25 FEB 2016 by ideonexus

 Old Media is Text-Centric; New Media is a Collage

Modern literacy has always meant being able to both read and write narrative in the media forms of the day, whatever they may be. Just being able to read is not sufficient. For centuries, this has meant being able to consume and produce words through reading and writing and, to a lesser extent, listening and speaking. But the world of digital expression has changed all of this in three respects: New media demand new literacies. Because of inexpensive, easy-to-use, widely distributed new med...
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14 OCT 2013 by ideonexus

 Everything Won't Become Free at Once

Maybe the coolest technology could get very good and cheap, while at the same time crucial fundamentals for survival could become expensive. The calculi of digital utopias and man-made disasters don’t contradict each other. They can coexist. This is the heading of the darkest and funniest science fiction, such as the work of Philip K. Dick. Basics like water and food could soar in cost even as intensely sophisticated gadgets, like automated nanorobotic heart surgeons, float about as dust i...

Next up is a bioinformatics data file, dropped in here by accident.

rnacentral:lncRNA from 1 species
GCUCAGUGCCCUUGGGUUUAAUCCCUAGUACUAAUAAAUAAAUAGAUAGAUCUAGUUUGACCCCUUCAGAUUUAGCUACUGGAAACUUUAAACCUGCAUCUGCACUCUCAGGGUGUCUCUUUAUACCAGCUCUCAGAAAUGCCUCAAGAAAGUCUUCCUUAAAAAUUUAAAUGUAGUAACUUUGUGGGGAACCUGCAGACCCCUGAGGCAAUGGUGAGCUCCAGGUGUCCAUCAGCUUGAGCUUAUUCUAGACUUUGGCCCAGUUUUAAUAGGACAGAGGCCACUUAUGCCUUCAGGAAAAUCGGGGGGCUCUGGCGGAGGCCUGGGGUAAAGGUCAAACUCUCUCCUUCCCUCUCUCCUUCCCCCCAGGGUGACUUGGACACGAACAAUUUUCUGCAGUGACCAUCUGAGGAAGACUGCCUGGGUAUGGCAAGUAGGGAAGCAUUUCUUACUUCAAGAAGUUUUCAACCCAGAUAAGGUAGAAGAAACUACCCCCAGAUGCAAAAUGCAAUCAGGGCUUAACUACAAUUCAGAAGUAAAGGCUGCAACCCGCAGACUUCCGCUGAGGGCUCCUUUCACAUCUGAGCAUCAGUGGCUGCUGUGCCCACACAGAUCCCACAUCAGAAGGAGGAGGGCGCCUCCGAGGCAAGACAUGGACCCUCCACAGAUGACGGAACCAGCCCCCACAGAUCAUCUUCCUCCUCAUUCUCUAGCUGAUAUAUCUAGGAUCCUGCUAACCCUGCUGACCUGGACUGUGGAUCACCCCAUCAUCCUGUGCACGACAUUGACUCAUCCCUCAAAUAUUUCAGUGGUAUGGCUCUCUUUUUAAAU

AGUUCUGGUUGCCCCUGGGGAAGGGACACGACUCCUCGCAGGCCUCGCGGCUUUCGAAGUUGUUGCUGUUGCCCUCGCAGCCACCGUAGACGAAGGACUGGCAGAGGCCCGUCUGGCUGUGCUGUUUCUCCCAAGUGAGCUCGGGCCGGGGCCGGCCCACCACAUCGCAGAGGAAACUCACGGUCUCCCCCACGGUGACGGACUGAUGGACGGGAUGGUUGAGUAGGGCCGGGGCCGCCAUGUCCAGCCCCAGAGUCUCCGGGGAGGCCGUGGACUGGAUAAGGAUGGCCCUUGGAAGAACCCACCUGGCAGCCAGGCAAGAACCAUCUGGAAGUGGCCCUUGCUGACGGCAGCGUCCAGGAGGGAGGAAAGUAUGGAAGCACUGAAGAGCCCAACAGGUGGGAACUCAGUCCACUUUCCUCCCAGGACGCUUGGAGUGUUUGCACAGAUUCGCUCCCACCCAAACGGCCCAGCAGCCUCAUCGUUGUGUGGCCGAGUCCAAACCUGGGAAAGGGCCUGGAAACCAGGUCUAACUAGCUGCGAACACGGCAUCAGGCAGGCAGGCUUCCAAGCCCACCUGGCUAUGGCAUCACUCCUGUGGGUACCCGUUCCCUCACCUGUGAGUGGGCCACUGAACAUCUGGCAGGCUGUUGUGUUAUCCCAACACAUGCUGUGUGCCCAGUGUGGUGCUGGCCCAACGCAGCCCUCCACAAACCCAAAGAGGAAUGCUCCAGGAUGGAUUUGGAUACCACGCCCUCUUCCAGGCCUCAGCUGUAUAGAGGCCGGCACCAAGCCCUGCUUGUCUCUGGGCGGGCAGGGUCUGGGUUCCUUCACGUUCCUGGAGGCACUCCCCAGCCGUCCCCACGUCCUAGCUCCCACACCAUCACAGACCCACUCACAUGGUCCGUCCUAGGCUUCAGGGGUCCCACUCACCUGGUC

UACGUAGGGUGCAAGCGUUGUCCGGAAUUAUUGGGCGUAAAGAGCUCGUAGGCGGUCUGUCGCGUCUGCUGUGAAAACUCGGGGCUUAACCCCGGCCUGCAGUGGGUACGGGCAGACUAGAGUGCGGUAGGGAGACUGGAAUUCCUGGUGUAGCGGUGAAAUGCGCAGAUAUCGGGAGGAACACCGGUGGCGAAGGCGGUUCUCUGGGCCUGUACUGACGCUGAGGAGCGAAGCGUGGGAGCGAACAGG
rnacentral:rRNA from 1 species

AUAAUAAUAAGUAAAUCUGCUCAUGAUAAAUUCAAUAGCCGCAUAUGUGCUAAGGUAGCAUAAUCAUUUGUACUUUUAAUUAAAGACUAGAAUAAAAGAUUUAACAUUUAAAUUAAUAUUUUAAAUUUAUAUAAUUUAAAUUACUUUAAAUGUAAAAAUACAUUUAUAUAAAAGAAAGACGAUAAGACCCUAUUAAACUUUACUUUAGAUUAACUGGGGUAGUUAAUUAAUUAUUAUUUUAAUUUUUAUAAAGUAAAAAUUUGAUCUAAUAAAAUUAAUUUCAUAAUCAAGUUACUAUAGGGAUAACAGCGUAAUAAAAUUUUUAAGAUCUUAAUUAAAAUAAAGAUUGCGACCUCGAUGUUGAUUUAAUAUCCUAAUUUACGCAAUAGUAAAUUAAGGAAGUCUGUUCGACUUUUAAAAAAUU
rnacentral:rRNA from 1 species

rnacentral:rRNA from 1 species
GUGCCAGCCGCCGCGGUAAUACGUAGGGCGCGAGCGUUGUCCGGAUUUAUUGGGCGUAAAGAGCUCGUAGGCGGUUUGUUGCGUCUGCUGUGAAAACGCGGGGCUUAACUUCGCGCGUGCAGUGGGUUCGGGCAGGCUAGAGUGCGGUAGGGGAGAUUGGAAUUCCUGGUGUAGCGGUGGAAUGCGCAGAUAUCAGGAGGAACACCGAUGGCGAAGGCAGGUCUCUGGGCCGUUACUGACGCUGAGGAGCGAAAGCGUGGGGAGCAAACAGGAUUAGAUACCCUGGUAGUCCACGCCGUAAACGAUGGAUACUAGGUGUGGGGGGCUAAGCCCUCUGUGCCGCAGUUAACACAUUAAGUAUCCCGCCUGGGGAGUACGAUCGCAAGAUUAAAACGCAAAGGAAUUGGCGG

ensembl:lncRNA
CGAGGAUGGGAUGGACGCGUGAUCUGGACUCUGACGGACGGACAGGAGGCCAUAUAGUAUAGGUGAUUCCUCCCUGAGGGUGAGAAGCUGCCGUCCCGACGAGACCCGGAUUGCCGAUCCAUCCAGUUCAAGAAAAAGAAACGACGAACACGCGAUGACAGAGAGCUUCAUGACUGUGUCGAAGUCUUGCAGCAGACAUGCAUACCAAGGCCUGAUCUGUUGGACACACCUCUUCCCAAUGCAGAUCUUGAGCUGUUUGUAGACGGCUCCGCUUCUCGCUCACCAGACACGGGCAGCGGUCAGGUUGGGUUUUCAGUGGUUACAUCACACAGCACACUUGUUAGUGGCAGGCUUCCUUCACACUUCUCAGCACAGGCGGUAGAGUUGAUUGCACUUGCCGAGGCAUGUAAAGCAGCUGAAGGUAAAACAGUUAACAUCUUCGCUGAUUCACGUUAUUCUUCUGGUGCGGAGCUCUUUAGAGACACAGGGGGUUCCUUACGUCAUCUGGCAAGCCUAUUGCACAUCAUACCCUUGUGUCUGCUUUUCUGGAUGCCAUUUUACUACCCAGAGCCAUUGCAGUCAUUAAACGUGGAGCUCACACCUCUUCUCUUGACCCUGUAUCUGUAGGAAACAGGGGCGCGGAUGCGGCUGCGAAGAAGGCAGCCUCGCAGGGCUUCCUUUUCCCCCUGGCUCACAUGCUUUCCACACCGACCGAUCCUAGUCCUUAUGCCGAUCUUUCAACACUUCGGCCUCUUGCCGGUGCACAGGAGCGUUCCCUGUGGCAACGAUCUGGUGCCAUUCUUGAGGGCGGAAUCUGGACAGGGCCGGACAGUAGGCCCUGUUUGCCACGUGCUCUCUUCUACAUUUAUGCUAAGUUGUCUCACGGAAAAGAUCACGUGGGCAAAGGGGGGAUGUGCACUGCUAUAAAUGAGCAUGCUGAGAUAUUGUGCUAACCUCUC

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The irony of society is that digital content is growing cheaper as is technology, but food and electricity are growing more expensive.

14 JUN 2013 by ideonexus

 Celebrity Economy

This century's last great trend was noted by acute observers in 1996, yet most people failed to appreciate it. While business gurus were proclaiming the new dominance of creativity and innovation over mere production, the growing ease with which information was transmitted and reproduced made it harder for creators to profit from their creations. Nowadays, if you develop a marvelous piece of software, everyone will have downloaded a free copy from the Net the next day. If you record a magnifi...
Folksonomies: art information economy
Folksonomies: art information economy
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Endless channels of media allow for more celebrities, but to smaller audiences. In order to make money from media, celebrities must sell more than their works. Their works must serve as advertisements for something else, like paid performances or lectures.

28 MAY 2011 by ideonexus

 Science Bloggers Blast Science Reporting Without Expandin...

...the typical blog mode is to find an individual piece of science reporting with some particular failing and blast it—without addressing or even raising the broader issue of what's really going on in the media industry. One science logger. University of Toronto biochemist Larry Moran, even put it this way in a discussion of the widespread job losses facing science reporters: "Science journalists h have let us down. I say good riddance."
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Science bloggers helped destroy science journalism